• Each Kindness (2012) ~Jacqueline Woodson
  • “Resist: 35 Profiles of Ordinary People Who Rose Up Against Tyranny and Injustice” (2018) ~Veronica Chambers
  • Stamped: Racism, Antiracism, and You (2020) ~Jason Reynolds & Ibram X. Kendi
  • Parable of the Sower: A Graphic Novel Adaptation (2020) ~Damian Duffy & John Jennings
  • March [Trilogy] (2016) ~John Lewis, Andrew Aydin, Nate Powell
  • The Hate U Give (2017) ~Angie Thomas
  • ‘Still I Rise: A Graphic History of African Americans’ ~Roland Laird w/Taneshia Nash
  • Skin Like Mine (2016) ~LaTashia M. Perry
  • I Am Enough (2018) ~Grace Byers
  • Hair Love (2019) ~Matthew Cherry
  • Little Leaders: Bold Women in Black History (2017) & Little Legends: Exceptional Men in Black History (2019) ~Vashti Harrison

Films/Documentaries

  • I Am Not Your Negro (2016)
  • Race (2016)
  • Do the Right Thing (1989)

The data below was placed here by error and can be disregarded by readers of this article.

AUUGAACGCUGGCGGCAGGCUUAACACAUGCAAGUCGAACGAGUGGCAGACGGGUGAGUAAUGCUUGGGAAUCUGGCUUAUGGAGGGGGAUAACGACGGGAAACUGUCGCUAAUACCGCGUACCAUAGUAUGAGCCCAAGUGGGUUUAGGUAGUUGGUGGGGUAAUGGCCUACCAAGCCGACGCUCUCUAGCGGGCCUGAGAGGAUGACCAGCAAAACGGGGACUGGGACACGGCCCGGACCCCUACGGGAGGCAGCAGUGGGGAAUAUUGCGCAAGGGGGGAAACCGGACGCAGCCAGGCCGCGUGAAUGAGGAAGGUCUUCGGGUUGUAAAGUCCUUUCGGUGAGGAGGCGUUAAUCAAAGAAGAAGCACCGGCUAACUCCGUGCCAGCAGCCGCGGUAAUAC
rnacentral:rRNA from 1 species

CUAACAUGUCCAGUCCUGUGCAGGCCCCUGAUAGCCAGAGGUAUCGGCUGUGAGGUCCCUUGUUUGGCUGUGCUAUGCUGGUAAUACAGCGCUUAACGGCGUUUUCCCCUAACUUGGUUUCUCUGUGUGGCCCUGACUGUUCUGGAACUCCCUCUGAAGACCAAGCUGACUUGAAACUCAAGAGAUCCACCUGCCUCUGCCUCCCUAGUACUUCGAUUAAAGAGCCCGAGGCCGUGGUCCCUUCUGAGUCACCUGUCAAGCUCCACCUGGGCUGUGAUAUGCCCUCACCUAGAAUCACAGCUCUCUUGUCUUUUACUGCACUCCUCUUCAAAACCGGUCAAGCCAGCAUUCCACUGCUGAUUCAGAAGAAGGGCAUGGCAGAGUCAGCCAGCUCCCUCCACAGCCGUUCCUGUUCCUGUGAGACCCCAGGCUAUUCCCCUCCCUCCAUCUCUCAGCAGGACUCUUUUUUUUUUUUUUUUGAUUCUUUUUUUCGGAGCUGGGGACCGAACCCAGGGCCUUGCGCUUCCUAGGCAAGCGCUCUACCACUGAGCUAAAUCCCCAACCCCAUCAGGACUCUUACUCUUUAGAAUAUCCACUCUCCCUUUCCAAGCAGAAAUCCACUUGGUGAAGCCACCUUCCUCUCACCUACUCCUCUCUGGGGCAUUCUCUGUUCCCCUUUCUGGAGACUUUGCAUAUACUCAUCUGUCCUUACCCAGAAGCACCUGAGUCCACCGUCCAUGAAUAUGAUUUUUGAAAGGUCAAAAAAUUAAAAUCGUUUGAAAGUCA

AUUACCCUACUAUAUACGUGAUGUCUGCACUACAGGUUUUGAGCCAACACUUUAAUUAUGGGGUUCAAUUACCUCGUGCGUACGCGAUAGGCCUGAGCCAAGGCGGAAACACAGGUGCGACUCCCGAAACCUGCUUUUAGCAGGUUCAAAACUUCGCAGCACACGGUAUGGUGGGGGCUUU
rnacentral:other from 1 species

• Fruitvale Station (2013)
  • If Beale Street Could Talk (2018)
  • Selma (2014)
  • The Hate You Give (2018)
  • Pariah (2011)
  • Get Out (2017)
  • Say Her Name: The Life and Death of Sandra Bland (2018)
  • Dear White People [Film (2014) & Netflix series (2017-2021)]
  • 13th (2016) [Netflix]
  • When They See Us (2019) [Netflix]
  • Seven Seconds (2018) [Netflix]
  • Time: The Kalief Browder Story [Netflix]
  • See You Yesterday (2019) [Netflix]

Books

  • White Rage: The Unspoken Truth of Our Racial Divide (2016) ~Carol Anderson
  • How to Be An Antiracist (2019) ~Ibram X. Kendi
  • Pushout: The Criminalization of Black Girls in Schools (2018) ~Monique Morris
  • From #BlackLivesMatter to Black Liberation (2016) ~Keeanga-Yamahtta Taylor
  • Between the World and Me (2015) ~Ta-Nehisi Coates
  • So you want talk about race (2019) ~Ijeoma Oluo